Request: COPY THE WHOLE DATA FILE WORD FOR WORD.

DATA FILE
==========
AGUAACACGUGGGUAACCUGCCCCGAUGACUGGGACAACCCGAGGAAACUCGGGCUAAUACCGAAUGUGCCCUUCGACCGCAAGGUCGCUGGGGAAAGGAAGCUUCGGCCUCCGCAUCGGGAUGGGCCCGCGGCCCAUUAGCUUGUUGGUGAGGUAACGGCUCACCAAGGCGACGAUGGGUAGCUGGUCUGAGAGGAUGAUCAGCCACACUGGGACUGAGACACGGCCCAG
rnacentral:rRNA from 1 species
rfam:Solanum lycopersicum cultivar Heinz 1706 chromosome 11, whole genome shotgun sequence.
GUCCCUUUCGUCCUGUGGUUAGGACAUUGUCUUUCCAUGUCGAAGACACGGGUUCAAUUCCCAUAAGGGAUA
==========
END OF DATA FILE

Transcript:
AGUAACACGUGGGUAACCUGCCCCGAUGACUGGGACAACCCGAGGAAACUCGGGCUAAUACCGAAUGUGCCCUUCGACCGCAAGGUCGCUGGGGAAAGGAAGCUUCGGCCUCCGCAUCGGGAUGGGCCCGCGGCCCAUUAGCUUGUUGGUGAGGUAACGGCUCACCAAGGCGACGAUGGGUAGCUGGUCUGAGAGGAUGAUCAGCCACACUGGGACUGAGACACGGCCCAG
rnacentral:rRNA from 1 species
rfam:Solanum lycopersicum cultivar Heinz 1706 chromosome 11, whole genome shotgun sequence.
GUCCCUUUCGUCCUGUGGUUAGGACAUUGUCUUUCCAUGUCGAAGACACGGGUUCAAUUCCCAUAAGGGAUA